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#1 wouterrem  Icon User is offline

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Server architecture for online calculation platform

Posted 25 July 2017 - 06:34 AM

Hi everyone,

I'm looking for advice on how to build our server architecture!

At our startup, we're building an online aerodynamics platform.
We're at the beginning of development (apart from the aero scripts), which means we have to determine an architecture & choose programming languages for each block.
After talking to a number of developers, the idea would be the following:

Back-end
- General language
Use python (instead of php for example) as it is widely used and scalable (we'll be doing a lot of simulations, hopefully ).
Is that a good choice (risky to ask in a python forum, I know)?
- Data
Each calculation generates a lot of data (some GB's). Are there specific structures/tools/compression methods to manage this, or just drop it on the server?
Should we use MySQL for example to manage user data (also the small data, like project names, user details, ...)?
Is that compatible with python?
- Encryption / authentication
To provide comfort regarding confidentiality, we should encrypt data and provide secure login.
Are there specific tools for that (preferrably in a python environment)?
- API's
Easy to write in python?
- Framework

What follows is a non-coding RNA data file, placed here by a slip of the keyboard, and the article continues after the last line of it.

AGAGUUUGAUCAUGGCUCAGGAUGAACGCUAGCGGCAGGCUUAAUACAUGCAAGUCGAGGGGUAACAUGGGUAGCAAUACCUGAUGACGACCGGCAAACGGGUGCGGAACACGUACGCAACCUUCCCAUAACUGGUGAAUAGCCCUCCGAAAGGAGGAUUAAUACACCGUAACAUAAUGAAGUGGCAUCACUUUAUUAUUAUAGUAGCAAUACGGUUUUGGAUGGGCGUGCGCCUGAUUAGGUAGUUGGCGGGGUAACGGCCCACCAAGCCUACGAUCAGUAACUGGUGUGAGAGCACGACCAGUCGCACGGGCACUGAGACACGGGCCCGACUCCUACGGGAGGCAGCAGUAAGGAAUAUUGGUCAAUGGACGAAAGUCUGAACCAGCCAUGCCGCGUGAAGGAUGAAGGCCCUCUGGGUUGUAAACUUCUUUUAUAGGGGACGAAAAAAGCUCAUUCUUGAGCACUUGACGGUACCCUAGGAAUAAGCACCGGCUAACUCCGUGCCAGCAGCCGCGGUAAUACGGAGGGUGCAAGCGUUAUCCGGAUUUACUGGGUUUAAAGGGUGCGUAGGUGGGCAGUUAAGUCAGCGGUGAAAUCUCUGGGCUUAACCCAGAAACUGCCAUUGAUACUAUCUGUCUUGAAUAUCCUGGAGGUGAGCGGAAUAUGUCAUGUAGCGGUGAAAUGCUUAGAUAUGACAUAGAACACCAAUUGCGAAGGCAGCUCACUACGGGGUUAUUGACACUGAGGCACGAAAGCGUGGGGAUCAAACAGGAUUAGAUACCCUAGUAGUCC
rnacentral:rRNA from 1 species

Is Django a good framework to use? Or is this something for people with limited experience, and should you code everything yourselve to build it properly?
- What other tools should we consider (nginx, apache, ...)? Things are new to me!

Aero
- Our scripts modify text files using m4 and mustache. Is that a good choice or are there better alternatives?

Front-end
- Framework
Would Angular / react be a good choice to put on top of Python/Django?
Is there something in between to let them communicate?
- 3D
We would use WebGL (Three.JS): does anyone have experience with this?
Blend4web could be an alternative: anyone know this one?



General:
- Are there good visuals available on how all these blocks work together (back-end layer, front-end layer, ...)?
Or perhaps even a configurator?
- Will it pay off to have python as the preferred language throughout the company?
Or am I focusing too much on this (and will I select non-ideal solutions just because they're python based)?

Thanks a lot for all your tips to get us started!!

Wouter.

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Replies To: Server architecture for online calculation platform

#2 modi123_1  Icon User is online

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Re: Server architecture for online calculation platform

Posted 25 July 2017 - 07:06 AM

Hmm. Are you the only one doing this 'architecture' work?
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#3 wouterrem  Icon User is offline

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Re: Server architecture for online calculation platform

Posted 25 July 2017 - 07:46 AM

View Postmodi123_1, on 25 July 2017 - 07:06 AM, said:

Hmm. Are you the only one doing this 'architecture' work?


Hi Modi,

no, on the contrary, we're still looking for someone to join the team for this!
And I thought it would be good to have some thoughts on the architecture and programming languages first, so I can look for people in a more efficient way.

So what would be your answer to all of the questions?

thanks!

Wouter.
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#4 modi123_1  Icon User is online

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Re: Server architecture for online calculation platform

Posted 25 July 2017 - 07:54 AM

Well, I am not going to spec out your entire project for you, but I would start with the basics: creating data and retaining data. Those should be the nut of the issue.
How is it generated?
What format?
How much?
How long?